Lawyers duck legal aid work
In the second of a series on the impact of legal aid reforms, TESS MCCLURE investigates the impact on the family courts and domestic violence victims. Part one examined the impact on the integrity of the justice system, and next week will look at the impact on lawyers.
Women and children fleeing domestic violence are struggling to get protection orders because of a shortage of family law practitioners, advocates say.
Legal aid reforms over the past three years mean many lawyers are choosing to avoid legal aid- funded family law - with dangerous consequences for domestic violence victims.
Community Law Centre manager Paul O'Neill said "even for very serious domestic violence and protection order issues we are finding people frustrated that they can't find a legal aid provider. The practitioners simply aren't there any more."
The situation was particularly pressured in Christchurch, where police and women's refuges reported a rise in domestic violence following the earthquakes.
Solicitor Louise Taylor said she worked with clients seeking protection orders "who say they've phoned up to 40 practitioners and are unable to find someone".
Taylor said there were "absolutely" safety issues for those who couldn't get protection orders fast.
"We know a lot of victims continue to live in an unsafe environment until they can access protection," she said.
Some women could choose to stay in violent situations because they did not have protection orders, or would leave without getting one - "both of which are dangerous situations", she said.
Across the country almost a quarter of funding to the family courts was dropped, from $54,719,000 in 2010 to $41,955,000 last year.
People granted legal aid through Christchurch Family Court dropped a third, from 1826 in 2010 to 1289 in 2013.
In 2012, "fixed fees" were introduced for family court legal aid. The cost-cutting measure introduced reductions to lawyer fees, and time restrictions for cases.
Family legal aid lawyers dropped 27 per cent from 2012 to 2013.
Canterbury Dean of Law Chris Gallavin said finding a family lawyer in Canterbury who used legal aid was "like finding hen's teeth".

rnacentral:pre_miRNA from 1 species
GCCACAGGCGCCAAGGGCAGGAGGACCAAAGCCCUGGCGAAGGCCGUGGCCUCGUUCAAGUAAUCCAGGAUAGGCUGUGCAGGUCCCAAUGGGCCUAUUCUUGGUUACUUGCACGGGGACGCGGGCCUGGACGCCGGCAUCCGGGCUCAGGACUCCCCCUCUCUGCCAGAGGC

But Legal Aid Services general manager Michelle McCreadie said the reduction in family legal aid providers was in line with the reduction in the numbers of family legal aid cases, which had gone down 24 per cent.
She said criteria for granting family legal aid had not changed, but there have been changes in legal representation in Care of Children Act cases - which made up 40 per cent of Family Court work.
Taylor said while the legal aid funding changes did not directly touch legal aid funding for domestic violence, the impact had still been significant.
"The reality is that solicitors who do care of children often also do domestic violence, and so there's fewer practitioners available to do ... protection orders."
O'Neill said the changes pushed family lawyers out of the market.
"Practitioners tend to move into more lucrative commercial conveyance areas and leave the legal aid areas behind."
Aviva operations manager Elaine Lucey said the refuge had specific lawyers they worked with for protection orders, but said the most recent changes to the family courts were "not in the best interests of families experiencing domestic violence".
She said it was possible the drop in family lawyers offering legal aid "offers less choice, and means some excellent family lawyers came out of the system at that time."
A 2014 Law Society survey of 156 law firms found many had "concerns at the overall economic viability of legal aid work".
Family Law Section chairman Allan Cooke said he was "aware of some lawyers who had relinquished their legal aid provider status or kept that status and are doing very little legal aid work, because of the economic reality of running a practice".
But Cooke said there should be "no issue" with domestic violence victims seeking protection orders, and the Law Society was taking steps to ensure community law centres were aware of legal aid lawyers.
Family Justice general manager Linda Biddle said the reforms were aimed at resolving disputes outside of court, where possible.